Lexus Unveils 2024 RZ 300e: Affordable, Longer-Range Variant of Its Electric Crossover

Lexus RZ 300e (

New Single-Motor Front-Wheel Drive Model Offers Increased Range at a More Accessible Price Point

Lexus is expanding its electric lineup for the 2024 model year with the introduction of the RZ 300e, a more affordable and longer-range version of its RZ electric crossover. This new variant features a single-motor front-wheel drive powertrain coupled with a 72.8-kWh CATL battery pack, providing a distinct option for eco-conscious consumers.

Diverging from the dual-motor all-wheel-drive setup in the existing RZ 450e model, the RZ 300e is expected to offer substantial gains in range. While the power output decreases from 308 hp in the RZ 450e to 201 hp in the RZ 300e, the latter is estimated to achieve an impressive 266 miles on a single charge with 18-inch wheels, according to Lexus. In contrast, the RZ 450e, with an EPA-rated range of 220 miles on 18-inch wheels, and just 196 miles on 20-inch wheels, emphasizes a dual-motor configuration for enhanced performance.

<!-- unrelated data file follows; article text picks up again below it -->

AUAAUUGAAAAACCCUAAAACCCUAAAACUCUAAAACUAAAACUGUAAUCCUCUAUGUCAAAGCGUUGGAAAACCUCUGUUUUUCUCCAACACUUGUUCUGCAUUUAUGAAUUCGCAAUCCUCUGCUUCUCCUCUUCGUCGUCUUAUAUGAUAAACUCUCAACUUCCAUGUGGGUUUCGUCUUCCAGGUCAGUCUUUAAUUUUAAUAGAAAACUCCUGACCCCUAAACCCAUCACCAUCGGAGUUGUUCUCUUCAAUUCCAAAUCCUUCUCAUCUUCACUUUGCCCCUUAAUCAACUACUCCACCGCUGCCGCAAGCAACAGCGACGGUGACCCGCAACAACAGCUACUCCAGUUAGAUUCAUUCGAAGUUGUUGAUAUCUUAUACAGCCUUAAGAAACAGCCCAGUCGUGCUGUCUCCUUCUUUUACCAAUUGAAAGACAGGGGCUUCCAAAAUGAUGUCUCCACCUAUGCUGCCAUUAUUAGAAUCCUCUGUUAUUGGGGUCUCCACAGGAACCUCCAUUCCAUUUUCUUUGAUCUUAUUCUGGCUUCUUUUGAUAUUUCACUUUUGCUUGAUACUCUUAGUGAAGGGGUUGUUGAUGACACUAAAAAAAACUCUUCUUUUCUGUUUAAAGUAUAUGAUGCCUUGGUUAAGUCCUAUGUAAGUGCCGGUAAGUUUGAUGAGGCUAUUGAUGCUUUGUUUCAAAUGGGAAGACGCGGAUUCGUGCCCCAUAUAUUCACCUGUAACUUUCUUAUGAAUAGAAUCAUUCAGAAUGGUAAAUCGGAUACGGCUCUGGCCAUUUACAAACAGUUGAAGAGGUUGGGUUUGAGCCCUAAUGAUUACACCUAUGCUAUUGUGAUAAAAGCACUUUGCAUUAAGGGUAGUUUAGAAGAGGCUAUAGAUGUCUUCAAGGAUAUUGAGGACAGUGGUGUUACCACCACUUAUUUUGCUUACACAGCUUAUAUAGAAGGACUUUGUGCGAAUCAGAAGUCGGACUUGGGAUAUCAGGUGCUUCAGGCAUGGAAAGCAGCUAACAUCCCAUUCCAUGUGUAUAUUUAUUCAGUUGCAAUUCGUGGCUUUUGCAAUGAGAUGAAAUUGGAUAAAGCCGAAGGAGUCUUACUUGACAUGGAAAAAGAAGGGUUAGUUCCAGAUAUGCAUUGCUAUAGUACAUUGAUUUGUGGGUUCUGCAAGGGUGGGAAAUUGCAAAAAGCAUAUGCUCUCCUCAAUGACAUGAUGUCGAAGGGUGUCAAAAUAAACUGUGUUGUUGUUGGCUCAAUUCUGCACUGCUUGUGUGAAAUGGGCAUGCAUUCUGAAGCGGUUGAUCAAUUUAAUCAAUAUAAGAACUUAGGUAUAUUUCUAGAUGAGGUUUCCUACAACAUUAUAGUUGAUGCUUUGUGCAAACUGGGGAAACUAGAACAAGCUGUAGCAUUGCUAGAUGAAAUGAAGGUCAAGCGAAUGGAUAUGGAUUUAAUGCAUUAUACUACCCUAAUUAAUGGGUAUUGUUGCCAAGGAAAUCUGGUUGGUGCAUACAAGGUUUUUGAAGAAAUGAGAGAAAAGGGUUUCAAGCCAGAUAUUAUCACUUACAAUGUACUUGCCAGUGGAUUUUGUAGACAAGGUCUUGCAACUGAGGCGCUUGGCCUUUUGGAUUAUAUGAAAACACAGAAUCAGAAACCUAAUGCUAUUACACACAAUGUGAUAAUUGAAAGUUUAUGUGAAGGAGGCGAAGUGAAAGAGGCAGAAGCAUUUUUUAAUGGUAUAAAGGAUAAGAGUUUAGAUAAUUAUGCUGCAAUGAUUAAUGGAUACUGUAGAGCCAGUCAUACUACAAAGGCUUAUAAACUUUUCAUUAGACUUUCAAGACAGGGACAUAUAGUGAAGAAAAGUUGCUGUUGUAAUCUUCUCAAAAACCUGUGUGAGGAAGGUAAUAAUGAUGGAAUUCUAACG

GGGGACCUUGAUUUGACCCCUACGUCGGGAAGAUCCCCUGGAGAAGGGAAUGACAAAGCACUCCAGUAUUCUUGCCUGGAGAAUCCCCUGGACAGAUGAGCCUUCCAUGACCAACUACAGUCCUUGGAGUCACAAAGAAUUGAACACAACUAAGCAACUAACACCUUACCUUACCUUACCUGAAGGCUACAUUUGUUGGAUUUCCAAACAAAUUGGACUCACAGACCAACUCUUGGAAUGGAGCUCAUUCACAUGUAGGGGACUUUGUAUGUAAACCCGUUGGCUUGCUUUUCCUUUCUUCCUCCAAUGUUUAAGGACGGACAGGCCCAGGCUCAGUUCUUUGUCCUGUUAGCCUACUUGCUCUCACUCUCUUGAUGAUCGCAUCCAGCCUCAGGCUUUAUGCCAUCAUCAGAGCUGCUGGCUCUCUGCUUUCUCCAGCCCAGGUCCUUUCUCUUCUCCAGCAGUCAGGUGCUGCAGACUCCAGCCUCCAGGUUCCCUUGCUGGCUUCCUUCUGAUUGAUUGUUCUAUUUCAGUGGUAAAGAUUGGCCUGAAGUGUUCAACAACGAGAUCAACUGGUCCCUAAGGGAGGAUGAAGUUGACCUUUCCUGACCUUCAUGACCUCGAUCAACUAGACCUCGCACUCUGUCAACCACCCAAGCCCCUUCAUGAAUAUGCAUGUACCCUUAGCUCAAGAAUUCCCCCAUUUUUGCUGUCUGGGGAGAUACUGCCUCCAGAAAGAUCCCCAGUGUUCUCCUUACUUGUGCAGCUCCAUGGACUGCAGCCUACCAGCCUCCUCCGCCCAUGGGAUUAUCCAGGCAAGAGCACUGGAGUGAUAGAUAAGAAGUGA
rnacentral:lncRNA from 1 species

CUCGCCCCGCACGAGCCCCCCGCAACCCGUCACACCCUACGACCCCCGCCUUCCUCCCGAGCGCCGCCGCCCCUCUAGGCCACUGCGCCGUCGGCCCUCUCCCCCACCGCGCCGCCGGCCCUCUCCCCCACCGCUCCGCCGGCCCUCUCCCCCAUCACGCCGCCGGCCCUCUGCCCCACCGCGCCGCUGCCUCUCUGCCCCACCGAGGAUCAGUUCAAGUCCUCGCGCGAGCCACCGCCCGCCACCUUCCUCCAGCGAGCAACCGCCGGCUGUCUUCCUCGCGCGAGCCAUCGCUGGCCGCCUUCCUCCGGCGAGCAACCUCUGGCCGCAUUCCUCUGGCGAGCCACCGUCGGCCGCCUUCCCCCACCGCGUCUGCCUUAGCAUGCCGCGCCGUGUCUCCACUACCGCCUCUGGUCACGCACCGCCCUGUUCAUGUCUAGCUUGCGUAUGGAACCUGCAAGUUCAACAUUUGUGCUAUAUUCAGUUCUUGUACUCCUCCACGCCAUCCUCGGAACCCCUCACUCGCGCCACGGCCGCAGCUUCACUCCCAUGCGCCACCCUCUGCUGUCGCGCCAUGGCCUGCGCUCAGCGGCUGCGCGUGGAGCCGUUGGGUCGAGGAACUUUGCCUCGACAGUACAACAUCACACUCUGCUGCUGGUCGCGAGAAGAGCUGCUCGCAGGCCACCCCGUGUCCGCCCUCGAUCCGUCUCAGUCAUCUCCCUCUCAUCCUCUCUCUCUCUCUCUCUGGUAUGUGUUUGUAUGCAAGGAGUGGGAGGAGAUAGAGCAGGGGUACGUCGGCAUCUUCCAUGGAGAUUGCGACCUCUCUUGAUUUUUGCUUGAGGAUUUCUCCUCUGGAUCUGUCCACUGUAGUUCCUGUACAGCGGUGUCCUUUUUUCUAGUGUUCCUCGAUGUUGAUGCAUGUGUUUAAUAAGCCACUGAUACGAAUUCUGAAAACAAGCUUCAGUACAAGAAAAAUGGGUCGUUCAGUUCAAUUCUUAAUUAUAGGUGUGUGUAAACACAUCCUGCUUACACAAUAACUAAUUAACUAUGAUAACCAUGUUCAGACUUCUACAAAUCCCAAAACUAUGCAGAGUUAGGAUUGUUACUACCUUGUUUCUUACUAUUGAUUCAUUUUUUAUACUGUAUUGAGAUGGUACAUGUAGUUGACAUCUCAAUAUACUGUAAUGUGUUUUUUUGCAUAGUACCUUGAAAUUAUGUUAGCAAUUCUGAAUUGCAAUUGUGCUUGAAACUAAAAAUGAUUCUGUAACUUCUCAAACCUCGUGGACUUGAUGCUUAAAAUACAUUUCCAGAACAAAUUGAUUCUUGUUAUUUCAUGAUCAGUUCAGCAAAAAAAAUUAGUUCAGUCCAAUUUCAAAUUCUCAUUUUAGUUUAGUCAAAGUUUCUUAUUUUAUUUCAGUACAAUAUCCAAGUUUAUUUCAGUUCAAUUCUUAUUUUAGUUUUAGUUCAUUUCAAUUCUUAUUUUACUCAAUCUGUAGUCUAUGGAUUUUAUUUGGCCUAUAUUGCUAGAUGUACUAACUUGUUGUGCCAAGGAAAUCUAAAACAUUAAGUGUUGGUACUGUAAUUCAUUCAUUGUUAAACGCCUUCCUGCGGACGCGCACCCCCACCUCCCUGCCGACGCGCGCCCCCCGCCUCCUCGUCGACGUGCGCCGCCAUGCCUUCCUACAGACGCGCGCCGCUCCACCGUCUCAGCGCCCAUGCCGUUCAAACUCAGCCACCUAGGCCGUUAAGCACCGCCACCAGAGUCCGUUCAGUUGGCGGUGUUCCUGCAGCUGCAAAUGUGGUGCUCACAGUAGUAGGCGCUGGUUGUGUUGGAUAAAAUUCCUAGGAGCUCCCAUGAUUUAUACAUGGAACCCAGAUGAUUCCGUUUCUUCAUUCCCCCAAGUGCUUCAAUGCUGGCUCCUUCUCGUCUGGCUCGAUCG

Pricing for the RZ 300e starts at $55,150 (including a $1,150 destination charge) in the base Premium trim with 18-inch wheels, making it $3,500 cheaper than the 2023 RZ at the base level. Lexus also offers the Premium grade with 20-inch wheels for $56,390, while the higher Luxury grade starts at $60,880.

This marks the second model year for the RZ, which shares a platform with the Toyota BZ4X and Subaru Solterra. Positioned as Lexus’s inaugural electric vehicle for the U.S., the RZ 300e represents a strategic move towards providing consumers with a more affordable electric option without compromising on range.

Lexus aims to prioritize features in its pricing strategy, with the RZ 300e offering a balance of increased range and affordability. While the RZ 300e provides an extended driving range, it omits certain tech features present in the global version, such as steer-by-wire and a steering yoke.

As part of a broader electrification strategy, Lexus is working towards a fully battery-electric lineup by 2030, setting the brand on a distinct trajectory compared to its parent company, Toyota, which anticipates a significant proportion of hybrid and internal combustion engine vehicles in its lineup by the same year.